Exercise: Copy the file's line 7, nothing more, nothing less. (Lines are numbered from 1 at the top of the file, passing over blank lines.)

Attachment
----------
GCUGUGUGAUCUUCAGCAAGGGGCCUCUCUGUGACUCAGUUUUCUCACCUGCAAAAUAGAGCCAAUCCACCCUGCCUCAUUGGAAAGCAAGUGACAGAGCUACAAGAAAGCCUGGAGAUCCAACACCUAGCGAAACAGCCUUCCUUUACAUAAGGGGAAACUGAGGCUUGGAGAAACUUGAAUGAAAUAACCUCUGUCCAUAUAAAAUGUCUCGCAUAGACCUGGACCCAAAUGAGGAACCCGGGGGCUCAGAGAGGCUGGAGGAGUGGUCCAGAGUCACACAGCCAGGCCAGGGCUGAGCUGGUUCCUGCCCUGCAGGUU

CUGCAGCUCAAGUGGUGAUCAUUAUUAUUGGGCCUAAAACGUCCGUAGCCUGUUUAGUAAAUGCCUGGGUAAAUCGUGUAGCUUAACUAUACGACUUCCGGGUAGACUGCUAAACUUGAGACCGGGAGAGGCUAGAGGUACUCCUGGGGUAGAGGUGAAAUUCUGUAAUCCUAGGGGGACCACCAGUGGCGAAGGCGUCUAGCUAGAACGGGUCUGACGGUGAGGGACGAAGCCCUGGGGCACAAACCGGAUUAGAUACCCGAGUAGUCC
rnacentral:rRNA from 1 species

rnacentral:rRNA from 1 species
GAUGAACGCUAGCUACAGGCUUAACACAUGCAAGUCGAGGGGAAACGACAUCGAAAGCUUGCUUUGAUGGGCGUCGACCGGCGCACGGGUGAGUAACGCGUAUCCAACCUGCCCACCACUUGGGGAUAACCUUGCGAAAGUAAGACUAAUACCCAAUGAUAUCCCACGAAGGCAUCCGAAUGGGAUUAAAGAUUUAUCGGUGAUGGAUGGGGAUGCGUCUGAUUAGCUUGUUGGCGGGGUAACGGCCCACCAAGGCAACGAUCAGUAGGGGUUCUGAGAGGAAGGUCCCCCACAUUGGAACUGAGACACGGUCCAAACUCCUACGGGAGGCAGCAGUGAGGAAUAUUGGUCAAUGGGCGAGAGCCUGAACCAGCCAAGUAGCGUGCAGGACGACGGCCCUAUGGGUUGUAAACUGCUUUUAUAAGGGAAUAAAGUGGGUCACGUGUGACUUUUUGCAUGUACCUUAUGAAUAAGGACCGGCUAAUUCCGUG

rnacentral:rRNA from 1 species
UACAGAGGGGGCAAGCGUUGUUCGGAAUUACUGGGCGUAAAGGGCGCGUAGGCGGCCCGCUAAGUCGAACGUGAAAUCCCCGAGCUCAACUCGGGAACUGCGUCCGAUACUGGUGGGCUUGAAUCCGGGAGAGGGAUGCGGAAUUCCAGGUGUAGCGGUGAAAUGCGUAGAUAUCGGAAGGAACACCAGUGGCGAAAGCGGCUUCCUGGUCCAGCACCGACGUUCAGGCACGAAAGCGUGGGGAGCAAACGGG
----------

UACAGAGGGGGCAAGCGUUGUUCGGAAUUACUGGGCGUAAAGGGCGCGUAGGCGGCCCGCUAAGUCGAACGUGAAAUCCCCGAGCUCAACUCGGGAACUGCGUCCGAUACUGGUGGGCUUGAAUCCGGGAGAGGGAUGCGGAAUUCCAGGUGUAGCGGUGAAAUGCGUAGAUAUCGGAAGGAACACCAGUGGCGAAAGCGGCUUCCUGGUCCAGCACCGACGUUCAGGCACGAAAGCGUGGGGAGCAAACGGG